Daniel, a head of chemistry, reflects on why students find the Chemistry Olympiad appealing, and how his school helps them prepare for the competition

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Why do you, as a teacher, like to take part in Olympiad round 1?

I think mostly it’s the challenge for our kids, because we’ve got quite a number of reasonably bright students and they are very competitive. They’re very keen to take part in as many academic challenges as they can and try and outdo each other! They like the academic challenge and they like what that gives them in terms of preparing them for university. We do it mostly to give the students an extra challenge – there’s not many competitive things they can do in chemistry at that level, so it’s good to give them that opportunity.

Why do your students want to take part in the Olympiad?

They like to put it down on their UCAS application; it gives them something to talk about when applying to university. They generally speaking want to do anything that furthers their academics really.

What do your students get out of taking part in the Olympiad?

The recognition, which they quite like. I think they get extra knowledge out of it and it gives them a certain amount of resilience – coming across questions that they haven’t been taught directly and have no idea how to deal with. The Olympiad is usually pretty good at coming up with completely brand new situations to ask questions on, so that certainly helps prepare them quite well for university level stuff.

Do you use Olympiad past paper questions in any of your preparation or classes?

I have used them to do some preparation, but struggle to fit the time in to do much. I point the kids in the direction of them. It does put some of the weaker students off from doing it because some of them go, ‘Oh yeah I definitely want to do that,’ and then look at the past papers and go, ‘Oh no actually I don’t’. So they probably put off a few of the boys who wouldn’t do very well. But it does help them a bit.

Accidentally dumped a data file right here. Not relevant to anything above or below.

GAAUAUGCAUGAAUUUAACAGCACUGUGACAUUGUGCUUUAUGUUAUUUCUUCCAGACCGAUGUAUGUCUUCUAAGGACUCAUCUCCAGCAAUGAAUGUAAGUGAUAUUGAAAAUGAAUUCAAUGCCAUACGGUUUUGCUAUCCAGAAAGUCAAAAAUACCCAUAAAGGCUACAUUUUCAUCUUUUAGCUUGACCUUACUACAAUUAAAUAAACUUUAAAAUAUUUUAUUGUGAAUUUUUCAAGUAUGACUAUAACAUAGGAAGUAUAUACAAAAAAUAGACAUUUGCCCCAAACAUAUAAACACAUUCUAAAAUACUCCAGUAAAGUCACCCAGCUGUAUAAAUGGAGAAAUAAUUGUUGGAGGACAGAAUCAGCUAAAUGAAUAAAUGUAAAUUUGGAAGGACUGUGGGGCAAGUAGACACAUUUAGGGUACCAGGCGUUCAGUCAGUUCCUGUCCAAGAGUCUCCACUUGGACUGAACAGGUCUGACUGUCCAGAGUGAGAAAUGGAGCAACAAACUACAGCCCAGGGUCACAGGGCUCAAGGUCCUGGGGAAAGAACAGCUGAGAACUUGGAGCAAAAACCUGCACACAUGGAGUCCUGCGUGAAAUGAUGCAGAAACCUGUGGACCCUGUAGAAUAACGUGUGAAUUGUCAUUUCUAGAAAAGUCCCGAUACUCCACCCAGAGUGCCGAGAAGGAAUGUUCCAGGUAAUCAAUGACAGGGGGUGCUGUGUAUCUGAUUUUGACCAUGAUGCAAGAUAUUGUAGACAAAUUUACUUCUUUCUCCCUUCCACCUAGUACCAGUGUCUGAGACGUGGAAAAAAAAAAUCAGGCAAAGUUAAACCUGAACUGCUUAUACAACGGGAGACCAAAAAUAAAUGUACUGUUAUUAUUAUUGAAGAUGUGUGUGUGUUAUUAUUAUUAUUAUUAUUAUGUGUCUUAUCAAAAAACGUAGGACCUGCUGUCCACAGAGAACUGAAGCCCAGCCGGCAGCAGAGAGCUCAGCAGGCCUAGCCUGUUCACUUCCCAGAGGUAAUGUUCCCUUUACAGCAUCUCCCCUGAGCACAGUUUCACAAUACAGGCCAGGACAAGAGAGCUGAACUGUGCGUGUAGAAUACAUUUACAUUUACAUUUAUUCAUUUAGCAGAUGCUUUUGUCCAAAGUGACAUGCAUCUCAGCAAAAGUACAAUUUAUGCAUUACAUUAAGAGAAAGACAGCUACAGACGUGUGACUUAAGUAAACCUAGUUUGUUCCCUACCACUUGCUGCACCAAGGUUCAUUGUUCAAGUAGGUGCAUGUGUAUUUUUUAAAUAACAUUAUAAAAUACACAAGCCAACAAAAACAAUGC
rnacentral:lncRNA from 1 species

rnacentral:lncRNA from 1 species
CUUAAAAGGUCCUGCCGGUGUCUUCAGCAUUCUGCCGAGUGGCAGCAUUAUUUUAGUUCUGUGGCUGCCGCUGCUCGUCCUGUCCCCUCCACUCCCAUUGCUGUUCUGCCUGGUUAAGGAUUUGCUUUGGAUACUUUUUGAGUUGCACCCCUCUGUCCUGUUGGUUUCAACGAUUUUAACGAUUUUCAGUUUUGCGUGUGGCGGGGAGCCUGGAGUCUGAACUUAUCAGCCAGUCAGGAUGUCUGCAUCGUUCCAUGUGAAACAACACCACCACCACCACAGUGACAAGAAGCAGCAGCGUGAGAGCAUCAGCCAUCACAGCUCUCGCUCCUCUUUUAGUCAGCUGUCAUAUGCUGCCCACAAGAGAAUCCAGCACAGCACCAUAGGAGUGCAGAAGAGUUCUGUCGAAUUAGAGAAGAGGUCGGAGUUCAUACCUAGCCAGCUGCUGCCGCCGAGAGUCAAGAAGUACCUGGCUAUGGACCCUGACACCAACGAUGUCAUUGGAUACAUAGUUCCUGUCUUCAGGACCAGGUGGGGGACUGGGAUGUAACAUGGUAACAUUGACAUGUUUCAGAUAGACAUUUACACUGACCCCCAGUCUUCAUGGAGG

How do you prepare for round 1?

I give them some past questions to have a go at. In some cases we’ve done a bit of a crash course on the organic stuff and NMR, because that’s stuff we don’t teach until later in the year. So we do a bit of teaching on that so that they’ve got the basics and stand a chance of being able to answer a question, although generally the organic is the bit they do worst on.

What do your students find most challenging?

The organic parts. Whereas our boys are generally good mathematicians so they do a bit better on the physical questions.

What advice would you give a school that was thinking of taking part in Olympiad round 1 for the first time?

Download last year’s paper and let your brightest students have a go at a few of the questions so they get a feel for what it’s going to be like. If you entered them for the real thing and gave them no practice they would probably be quite alarmed when they got the paper in front of them. There’s a big difference between what they’re used to at A-level, and Olympiad, so definitely show them some past questions so they get a feel for it.

It’s definitely worth doing if you’ve got bright students that aren’t necessarily challenged that much by the A-level specification.